Reed Smith Client Alerts

Prime Minister Theresa May’s letter invoking the use of Article 50 of the Lisbon Treaty confirmed that, as well as withdrawing from the European Union (the “EU”), Brexit also will involve the UK withdrawing from certain key pan-EU initiatives, including the European Atomic Community (“Euratom”). The UK’s membership of Euratom is governed by the Treaty Establishing the European Atomic Community 1957 (the “Euratom Treaty”). Euratom, whilst a separate legal entity from the EU is governed by the EU’s institutions, including the European Commission and the European Court of Justice. In addition, the Euratom Treaty cross-references to the Treaty on the European Union (the “TEU”), as well as the Treaty on the Functioning of the European Union (the “TFEU”), through references made in Article 106a of the Euratom Treaty to various articles in the TEU and the TFEU.1 Consequently, the EU and Euratom are very much closely intertwined with each other, and the UK’s withdrawal from the EU would seem to necessitate the simultaneous withdrawal from Euratom.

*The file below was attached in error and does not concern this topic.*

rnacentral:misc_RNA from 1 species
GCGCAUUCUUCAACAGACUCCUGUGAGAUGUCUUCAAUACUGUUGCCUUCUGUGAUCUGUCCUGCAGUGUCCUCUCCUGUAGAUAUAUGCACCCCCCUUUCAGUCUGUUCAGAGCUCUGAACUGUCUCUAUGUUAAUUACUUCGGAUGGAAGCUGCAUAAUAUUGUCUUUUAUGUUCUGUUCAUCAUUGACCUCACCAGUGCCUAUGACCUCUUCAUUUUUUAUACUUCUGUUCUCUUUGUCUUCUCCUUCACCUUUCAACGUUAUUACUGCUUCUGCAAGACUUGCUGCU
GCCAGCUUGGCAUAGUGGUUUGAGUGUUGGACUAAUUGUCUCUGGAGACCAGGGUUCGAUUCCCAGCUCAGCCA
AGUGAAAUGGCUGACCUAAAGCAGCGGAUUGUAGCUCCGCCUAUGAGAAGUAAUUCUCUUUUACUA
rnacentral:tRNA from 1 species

Authors: Prajakt Samant Simone Goligorsky

Type: Client Alerts

The Euratom Treaty

The UK currently relies heavily on Euratom, Euratom’s officials, and the Euratom Treaty for, amongst other things, its regulatory regime, safety standards, and privity to various crucial international agreements on nuclear technology. These safeguards and standards are pre-requisites for international nuclear trade and research collaboration.

In addition to the above, the Euratom Treaty also establishes, inter alia, the free movement of nuclear sector specialists and associated investment capital across the Euratom Community (i.e. the Member States of the EU), and provides for funding of extensive research development programmes.